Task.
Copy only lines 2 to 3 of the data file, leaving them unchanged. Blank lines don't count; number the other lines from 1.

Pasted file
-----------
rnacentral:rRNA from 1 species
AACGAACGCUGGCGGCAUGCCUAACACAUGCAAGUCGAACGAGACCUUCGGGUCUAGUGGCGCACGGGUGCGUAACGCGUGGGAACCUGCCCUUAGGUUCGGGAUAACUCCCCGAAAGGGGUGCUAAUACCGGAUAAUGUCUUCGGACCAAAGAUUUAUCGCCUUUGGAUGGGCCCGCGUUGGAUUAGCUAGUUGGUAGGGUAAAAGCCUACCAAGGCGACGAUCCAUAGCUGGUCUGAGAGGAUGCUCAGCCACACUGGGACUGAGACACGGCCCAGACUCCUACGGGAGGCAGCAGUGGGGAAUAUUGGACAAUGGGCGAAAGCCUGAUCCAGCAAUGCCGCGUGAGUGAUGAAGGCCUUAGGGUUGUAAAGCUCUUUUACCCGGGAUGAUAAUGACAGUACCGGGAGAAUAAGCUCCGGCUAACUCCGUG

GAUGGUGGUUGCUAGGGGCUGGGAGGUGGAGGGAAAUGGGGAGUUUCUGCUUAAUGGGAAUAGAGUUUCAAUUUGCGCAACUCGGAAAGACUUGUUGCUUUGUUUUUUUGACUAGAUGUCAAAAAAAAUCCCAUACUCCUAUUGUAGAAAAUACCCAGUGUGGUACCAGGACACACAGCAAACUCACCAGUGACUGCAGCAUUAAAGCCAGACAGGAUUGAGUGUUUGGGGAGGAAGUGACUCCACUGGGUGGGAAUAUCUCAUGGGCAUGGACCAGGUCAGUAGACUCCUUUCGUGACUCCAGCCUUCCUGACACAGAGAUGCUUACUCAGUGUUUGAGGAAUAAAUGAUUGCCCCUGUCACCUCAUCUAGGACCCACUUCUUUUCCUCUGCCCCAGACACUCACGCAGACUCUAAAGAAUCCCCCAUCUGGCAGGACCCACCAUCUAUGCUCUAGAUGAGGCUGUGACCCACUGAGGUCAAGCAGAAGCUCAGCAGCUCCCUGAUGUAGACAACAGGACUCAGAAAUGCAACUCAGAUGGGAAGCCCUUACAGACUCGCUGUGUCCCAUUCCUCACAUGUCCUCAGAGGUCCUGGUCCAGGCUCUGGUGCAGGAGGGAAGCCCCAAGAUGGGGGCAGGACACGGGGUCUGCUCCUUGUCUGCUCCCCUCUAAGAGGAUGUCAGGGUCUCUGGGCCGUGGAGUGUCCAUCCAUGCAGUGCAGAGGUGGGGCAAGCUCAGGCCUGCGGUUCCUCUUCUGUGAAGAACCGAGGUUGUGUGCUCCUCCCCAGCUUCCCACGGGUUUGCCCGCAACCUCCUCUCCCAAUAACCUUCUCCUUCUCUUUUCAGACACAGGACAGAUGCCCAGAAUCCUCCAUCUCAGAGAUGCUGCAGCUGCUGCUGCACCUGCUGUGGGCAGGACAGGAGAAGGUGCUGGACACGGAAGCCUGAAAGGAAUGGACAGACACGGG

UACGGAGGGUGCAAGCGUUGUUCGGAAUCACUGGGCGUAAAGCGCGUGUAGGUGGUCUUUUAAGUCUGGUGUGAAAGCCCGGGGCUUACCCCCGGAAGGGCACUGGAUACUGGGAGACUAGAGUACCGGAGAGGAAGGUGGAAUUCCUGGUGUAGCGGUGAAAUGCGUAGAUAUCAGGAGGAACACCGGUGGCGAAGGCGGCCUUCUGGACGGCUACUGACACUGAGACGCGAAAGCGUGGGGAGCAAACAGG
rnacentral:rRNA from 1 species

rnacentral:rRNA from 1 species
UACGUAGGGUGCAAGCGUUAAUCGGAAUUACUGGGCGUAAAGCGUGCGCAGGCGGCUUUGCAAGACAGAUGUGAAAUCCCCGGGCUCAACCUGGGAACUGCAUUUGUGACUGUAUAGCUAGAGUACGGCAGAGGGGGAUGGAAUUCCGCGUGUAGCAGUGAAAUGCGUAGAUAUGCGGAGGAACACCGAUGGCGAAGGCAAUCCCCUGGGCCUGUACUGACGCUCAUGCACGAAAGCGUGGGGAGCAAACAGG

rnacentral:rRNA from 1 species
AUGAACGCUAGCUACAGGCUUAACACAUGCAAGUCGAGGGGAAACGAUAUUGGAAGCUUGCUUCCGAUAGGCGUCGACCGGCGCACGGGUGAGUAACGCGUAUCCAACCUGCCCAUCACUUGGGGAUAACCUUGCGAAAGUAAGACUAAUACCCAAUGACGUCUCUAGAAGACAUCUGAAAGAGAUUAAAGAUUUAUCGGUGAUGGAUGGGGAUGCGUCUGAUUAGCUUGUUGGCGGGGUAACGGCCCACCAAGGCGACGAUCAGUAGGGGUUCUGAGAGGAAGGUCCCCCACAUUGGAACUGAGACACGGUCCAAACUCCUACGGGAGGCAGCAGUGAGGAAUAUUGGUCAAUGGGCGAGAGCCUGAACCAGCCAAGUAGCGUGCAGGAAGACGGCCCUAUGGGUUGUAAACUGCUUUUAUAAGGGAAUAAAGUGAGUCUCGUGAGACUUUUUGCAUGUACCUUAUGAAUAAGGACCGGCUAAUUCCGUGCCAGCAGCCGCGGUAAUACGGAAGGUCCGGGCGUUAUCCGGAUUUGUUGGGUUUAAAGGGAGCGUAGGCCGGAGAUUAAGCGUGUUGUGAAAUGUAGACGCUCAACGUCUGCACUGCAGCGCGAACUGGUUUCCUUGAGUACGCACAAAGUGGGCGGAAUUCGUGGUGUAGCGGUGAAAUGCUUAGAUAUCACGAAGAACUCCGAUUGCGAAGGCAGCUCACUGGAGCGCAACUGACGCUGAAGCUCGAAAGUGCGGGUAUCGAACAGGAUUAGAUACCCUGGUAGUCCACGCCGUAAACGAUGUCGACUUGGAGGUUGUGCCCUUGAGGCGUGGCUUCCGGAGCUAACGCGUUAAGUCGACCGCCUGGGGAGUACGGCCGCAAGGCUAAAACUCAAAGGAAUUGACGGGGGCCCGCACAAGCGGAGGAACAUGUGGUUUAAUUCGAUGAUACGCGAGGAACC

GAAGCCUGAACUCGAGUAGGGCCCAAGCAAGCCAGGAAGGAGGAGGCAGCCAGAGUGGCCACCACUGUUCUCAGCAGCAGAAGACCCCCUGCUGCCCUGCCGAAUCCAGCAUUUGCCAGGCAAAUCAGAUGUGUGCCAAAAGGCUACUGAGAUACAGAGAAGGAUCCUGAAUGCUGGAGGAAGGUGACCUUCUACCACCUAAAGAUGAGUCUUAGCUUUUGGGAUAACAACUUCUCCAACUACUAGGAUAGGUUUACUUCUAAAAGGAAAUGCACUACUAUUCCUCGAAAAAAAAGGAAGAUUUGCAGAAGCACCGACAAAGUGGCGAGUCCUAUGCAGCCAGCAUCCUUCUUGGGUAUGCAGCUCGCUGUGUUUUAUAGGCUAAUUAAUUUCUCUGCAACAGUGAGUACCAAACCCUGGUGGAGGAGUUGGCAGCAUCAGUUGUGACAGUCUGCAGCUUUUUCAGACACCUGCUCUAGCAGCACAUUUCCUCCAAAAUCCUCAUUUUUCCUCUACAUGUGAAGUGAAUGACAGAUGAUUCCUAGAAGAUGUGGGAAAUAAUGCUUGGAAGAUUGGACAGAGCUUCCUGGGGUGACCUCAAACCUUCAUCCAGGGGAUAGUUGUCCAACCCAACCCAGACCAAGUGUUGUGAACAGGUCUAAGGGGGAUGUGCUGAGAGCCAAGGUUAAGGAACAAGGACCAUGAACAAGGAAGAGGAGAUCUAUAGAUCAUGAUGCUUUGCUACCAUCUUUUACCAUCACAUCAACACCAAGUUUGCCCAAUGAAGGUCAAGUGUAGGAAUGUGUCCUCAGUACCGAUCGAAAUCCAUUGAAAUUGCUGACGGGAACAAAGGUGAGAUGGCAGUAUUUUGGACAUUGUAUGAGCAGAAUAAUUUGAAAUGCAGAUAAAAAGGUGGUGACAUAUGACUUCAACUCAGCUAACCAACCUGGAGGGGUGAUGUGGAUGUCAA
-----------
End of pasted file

AACGAACGCUGGCGGCAUGCCUAACACAUGCAAGUCGAACGAGACCUUCGGGUCUAGUGGCGCACGGGUGCGUAACGCGUGGGAACCUGCCCUUAGGUUCGGGAUAACUCCCCGAAAGGGGUGCUAAUACCGGAUAAUGUCUUCGGACCAAAGAUUUAUCGCCUUUGGAUGGGCCCGCGUUGGAUUAGCUAGUUGGUAGGGUAAAAGCCUACCAAGGCGACGAUCCAUAGCUGGUCUGAGAGGAUGCUCAGCCACACUGGGACUGAGACACGGCCCAGACUCCUACGGGAGGCAGCAGUGGGGAAUAUUGGACAAUGGGCGAAAGCCUGAUCCAGCAAUGCCGCGUGAGUGAUGAAGGCCUUAGGGUUGUAAAGCUCUUUUACCCGGGAUGAUAAUGACAGUACCGGGAGAAUAAGCUCCGGCUAACUCCGUG

GAUGGUGGUUGCUAGGGGCUGGGAGGUGGAGGGAAAUGGGGAGUUUCUGCUUAAUGGGAAUAGAGUUUCAAUUUGCGCAACUCGGAAAGACUUGUUGCUUUGUUUUUUUGACUAGAUGUCAAAAAAAAUCCCAUACUCCUAUUGUAGAAAAUACCCAGUGUGGUACCAGGACACACAGCAAACUCACCAGUGACUGCAGCAUUAAAGCCAGACAGGAUUGAGUGUUUGGGGAGGAAGUGACUCCACUGGGUGGGAAUAUCUCAUGGGCAUGGACCAGGUCAGUAGACUCCUUUCGUGACUCCAGCCUUCCUGACACAGAGAUGCUUACUCAGUGUUUGAGGAAUAAAUGAUUGCCCCUGUCACCUCAUCUAGGACCCACUUCUUUUCCUCUGCCCCAGACACUCACGCAGACUCUAAAGAAUCCCCCAUCUGGCAGGACCCACCAUCUAUGCUCUAGAUGAGGCUGUGACCCACUGAGGUCAAGCAGAAGCUCAGCAGCUCCCUGAUGUAGACAACAGGACUCAGAAAUGCAACUCAGAUGGGAAGCCCUUACAGACUCGCUGUGUCCCAUUCCUCACAUGUCCUCAGAGGUCCUGGUCCAGGCUCUGGUGCAGGAGGGAAGCCCCAAGAUGGGGGCAGGACACGGGGUCUGCUCCUUGUCUGCUCCCCUCUAAGAGGAUGUCAGGGUCUCUGGGCCGUGGAGUGUCCAUCCAUGCAGUGCAGAGGUGGGGCAAGCUCAGGCCUGCGGUUCCUCUUCUGUGAAGAACCGAGGUUGUGUGCUCCUCCCCAGCUUCCCACGGGUUUGCCCGCAACCUCCUCUCCCAAUAACCUUCUCCUUCUCUUUUCAGACACAGGACAGAUGCCCAGAAUCCUCCAUCUCAGAGAUGCUGCAGCUGCUGCUGCACCUGCUGUGGGCAGGACAGGAGAAGGUGCUGGACACGGAAGCCUGAAAGGAAUGGACAGACACGGG